1. National Maritime Museum, Arnold White Papers, WHI/186. The words in square brackets are not unclear -- the original is in typescript as well as handwritten versions -- but I'm fairly sure I've transcribed them incorrectly. I was in a hurry; I'll have to go back. 


I've been awarded a small grant by the University of New England to fund research into 'Popular perceptions of the German threat in Britain, 1914-1918'. I'm very fortunate to have received this and very grateful. The basic idea is this:

This project will investigate the British public's reaction to the threat of German attack during the First World War, including invasion, air raids, and espionage. Broadly speaking, the anticipation of such attacks before 1914 has received occasional attention over the last few decades. However, the way these fears actually developed during the war itself is less well understood. From scattered evidence it is known that they included trekking to safe areas, spontaneous organisation of civil defence measures such as the occupation of Tube stations as air raid shelters, and anti-German riots, but no comprehensive study has been carried out, with the recent and partial exception of invasion fears in south-east England in 1914. These fears are important for several reasons. Firstly, because they played a role in strengthening or weakening popular support for the war. Secondly, because they played a role in the retention in Britain of substantial military, naval and aerial forces which could have been deployed on the Western Front and elsewhere. Thirdly, because during the 1920s and 1930s, memories of air raids by Zeppelin and Gotha bombers led to an exaggerated fear of bombing which in turn had significant psychological, political and military consequences.

This is designed to be a standalone project (i.e. and an article), but it's also designed to support my longer-term mystery aircraft research by establishing a sort of baseline for the effect and extent of other forms of scares. How I (tentatively) plan do this is as follows:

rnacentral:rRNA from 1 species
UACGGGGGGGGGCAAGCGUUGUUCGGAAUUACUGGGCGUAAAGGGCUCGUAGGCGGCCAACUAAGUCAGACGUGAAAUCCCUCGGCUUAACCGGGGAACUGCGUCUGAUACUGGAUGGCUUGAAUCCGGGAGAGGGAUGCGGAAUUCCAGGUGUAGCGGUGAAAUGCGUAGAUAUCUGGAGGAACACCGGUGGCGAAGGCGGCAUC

1. Using a combination of distant and close reading techniques, survey the British wartime press to identify periods when fear was likely at its highest, which will likely include the period after the fall of Antwerp, October 1914; the battlecruiser and Zeppelin raids in December 1914-January 1915, the first London air raids in May 1915, the height of the Zeppelin raids in the winter of 1915-6; the daylight Gotha raids in the summer of 1917; the night Gotha raids in the winter of 1918; and the German spring offensives of 1918. This can be done via the Internet using digitised newspaper archives such as the British Newspaper Archive and Gale NewsVault, which between them give good coverage of national and provincial daily newspapers.
  2. The core of the research will be undertaken in London:
    I. 1 week research at the National Archives to examine the official understanding of public fears and responses to particular incidents such as riots and trekking.
    II. 2 weeks at the Imperial War Museum to survey diaries from relevant places and periods to ascertain privately held and expressed reactions to the German threat.